Adap.TV just released its new service, an interesting and unavoidable extension to the existing Audience Path: programmatic buying for linear TV, creating the digital-to-TV space.
“TV is still a dominant medium for video and continues to attract the largest pool of ad dollars today, but fragmentation of audiences is driving the need for TV and digital to be more simply transacted in tandem,” Adap.TV chief executive Amir Ashkenazi tells ClickZ, explaining the rationale behind the extension to programmatic TV buying.
Although the company would not disclose projected revenues from Audience Path for TV, it is clear that it already has huge potential and has been thoroughly test-driven for “more than six months” by its client Magna Global, the strategic global media unit of IPG Mediabrands.
The platform will be crunching data obtained through its partnerships with Nielsen (for traditional age and gender demographics) and Rentrak (for behavioral data). It will give buyers “the ability to transact against traditional age/sex demographics, while also being able to optimize how their ad dollars are spent based on specific audiences and segments they want to reach, for example reaching 18-35 male TV viewers, but also those who like mixed martial arts or a particular type of alcohol,” Ashkenazi notes.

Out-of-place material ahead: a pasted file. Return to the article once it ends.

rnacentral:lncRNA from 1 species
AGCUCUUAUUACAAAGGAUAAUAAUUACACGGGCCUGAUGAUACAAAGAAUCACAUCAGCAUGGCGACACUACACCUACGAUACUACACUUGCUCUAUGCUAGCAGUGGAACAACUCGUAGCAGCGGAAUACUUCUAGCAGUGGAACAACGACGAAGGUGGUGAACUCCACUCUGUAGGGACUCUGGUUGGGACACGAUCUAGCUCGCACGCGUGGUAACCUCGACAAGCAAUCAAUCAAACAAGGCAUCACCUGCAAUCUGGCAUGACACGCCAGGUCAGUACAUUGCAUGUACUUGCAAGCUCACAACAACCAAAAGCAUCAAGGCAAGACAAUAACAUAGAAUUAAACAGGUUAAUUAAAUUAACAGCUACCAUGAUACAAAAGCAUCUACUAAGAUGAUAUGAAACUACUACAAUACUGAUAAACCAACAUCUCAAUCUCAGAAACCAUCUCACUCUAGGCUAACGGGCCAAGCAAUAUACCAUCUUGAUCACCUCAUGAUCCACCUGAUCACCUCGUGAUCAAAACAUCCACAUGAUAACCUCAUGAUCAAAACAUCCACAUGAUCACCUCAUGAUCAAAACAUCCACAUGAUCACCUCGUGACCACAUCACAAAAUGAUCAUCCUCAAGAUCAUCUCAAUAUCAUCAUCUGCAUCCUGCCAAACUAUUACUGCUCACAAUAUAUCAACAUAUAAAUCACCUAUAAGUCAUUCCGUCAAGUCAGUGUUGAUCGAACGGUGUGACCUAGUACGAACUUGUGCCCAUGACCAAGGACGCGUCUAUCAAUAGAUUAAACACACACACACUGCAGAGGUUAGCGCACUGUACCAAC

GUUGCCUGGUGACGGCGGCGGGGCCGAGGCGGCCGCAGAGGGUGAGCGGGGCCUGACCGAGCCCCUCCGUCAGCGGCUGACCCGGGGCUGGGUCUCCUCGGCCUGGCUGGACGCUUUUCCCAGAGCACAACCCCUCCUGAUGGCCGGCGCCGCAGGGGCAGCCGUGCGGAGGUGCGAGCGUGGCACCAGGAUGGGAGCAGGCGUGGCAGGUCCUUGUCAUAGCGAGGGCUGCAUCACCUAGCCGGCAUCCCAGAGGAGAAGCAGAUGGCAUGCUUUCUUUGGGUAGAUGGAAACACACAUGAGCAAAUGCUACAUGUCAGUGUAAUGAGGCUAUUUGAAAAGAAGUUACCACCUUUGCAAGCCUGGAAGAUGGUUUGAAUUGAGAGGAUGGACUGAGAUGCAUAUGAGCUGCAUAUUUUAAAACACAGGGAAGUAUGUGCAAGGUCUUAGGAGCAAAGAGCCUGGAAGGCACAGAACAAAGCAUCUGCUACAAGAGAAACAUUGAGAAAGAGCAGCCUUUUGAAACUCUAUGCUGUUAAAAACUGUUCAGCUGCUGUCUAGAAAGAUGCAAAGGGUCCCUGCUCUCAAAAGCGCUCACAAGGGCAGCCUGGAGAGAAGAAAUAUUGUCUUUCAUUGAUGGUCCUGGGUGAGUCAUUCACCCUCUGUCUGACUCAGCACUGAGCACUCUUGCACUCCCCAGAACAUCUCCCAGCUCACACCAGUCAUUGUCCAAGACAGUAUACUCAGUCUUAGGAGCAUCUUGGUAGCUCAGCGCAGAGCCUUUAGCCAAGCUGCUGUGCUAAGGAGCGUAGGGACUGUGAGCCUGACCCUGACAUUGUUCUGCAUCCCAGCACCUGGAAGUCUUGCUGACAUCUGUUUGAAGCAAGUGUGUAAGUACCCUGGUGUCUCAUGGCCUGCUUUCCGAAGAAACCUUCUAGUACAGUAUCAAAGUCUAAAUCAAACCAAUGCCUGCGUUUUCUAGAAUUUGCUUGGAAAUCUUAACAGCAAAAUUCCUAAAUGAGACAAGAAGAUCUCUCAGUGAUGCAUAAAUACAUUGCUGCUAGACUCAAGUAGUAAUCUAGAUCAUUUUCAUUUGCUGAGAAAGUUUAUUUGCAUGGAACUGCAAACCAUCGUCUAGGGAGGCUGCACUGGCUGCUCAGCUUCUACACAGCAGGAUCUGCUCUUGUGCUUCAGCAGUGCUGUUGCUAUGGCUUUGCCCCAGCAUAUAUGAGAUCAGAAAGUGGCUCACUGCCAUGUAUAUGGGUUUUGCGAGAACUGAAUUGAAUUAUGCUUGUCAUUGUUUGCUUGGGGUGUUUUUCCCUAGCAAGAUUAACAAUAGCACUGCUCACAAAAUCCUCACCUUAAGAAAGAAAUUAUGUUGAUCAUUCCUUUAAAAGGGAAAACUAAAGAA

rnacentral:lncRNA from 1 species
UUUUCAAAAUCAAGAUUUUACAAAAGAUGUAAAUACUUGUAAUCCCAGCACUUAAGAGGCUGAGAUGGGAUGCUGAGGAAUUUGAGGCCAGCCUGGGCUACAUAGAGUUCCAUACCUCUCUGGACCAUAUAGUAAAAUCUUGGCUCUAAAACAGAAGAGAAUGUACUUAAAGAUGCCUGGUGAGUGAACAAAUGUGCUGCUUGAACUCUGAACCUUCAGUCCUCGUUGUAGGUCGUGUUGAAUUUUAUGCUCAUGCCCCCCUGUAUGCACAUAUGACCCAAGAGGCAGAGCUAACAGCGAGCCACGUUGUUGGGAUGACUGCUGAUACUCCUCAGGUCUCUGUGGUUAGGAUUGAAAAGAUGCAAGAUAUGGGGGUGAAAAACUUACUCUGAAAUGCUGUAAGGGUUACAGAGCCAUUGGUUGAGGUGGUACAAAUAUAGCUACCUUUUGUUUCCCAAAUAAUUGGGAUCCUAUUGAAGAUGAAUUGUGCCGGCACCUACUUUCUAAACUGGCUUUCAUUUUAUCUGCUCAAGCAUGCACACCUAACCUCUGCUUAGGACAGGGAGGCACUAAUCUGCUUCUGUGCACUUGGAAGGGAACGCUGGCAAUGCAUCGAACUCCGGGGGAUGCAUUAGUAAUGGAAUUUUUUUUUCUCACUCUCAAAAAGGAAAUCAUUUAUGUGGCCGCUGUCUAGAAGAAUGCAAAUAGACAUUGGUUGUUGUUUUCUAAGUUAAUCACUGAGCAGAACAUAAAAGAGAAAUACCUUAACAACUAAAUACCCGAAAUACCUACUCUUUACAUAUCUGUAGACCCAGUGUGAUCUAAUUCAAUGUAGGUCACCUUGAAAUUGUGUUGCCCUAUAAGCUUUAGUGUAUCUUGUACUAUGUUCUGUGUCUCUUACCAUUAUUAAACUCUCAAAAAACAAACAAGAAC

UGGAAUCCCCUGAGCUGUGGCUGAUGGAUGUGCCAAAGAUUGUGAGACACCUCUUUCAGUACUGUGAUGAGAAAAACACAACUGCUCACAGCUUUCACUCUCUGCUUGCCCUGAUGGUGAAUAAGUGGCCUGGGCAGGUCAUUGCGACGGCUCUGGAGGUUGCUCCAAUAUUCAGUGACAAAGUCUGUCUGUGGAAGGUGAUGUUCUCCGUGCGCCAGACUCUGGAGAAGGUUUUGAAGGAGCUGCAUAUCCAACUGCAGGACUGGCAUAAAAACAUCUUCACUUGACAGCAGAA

The Adap.TV Marketplace has TV inventory with a potential reach to more than 90 million U.S. TV households across nearly 100 cable networks.
Adding to that, Rentrak this morning just announced a deal with CBS. The agreement will allow for Rentrak to extend its reach to seven CBS owned and operated TV stations in Dallas, Miami, Minneapolis, and Pittsburgh.
Retailer Tops Unruly’s Annual Top 20; List Features Creatives From 10 Different Countries
Brands have been upping their investments in new ad products from popular social media services, but are they getting their money's worth?
US Advertisers are spending US $2.6 billion on mobile ads each month, $0.4 billion in the UK, they understandably want to know that their ads are seen by real people
Publishers are rushing head on into header bidding - the popular new technique sweeping ad tech by storm.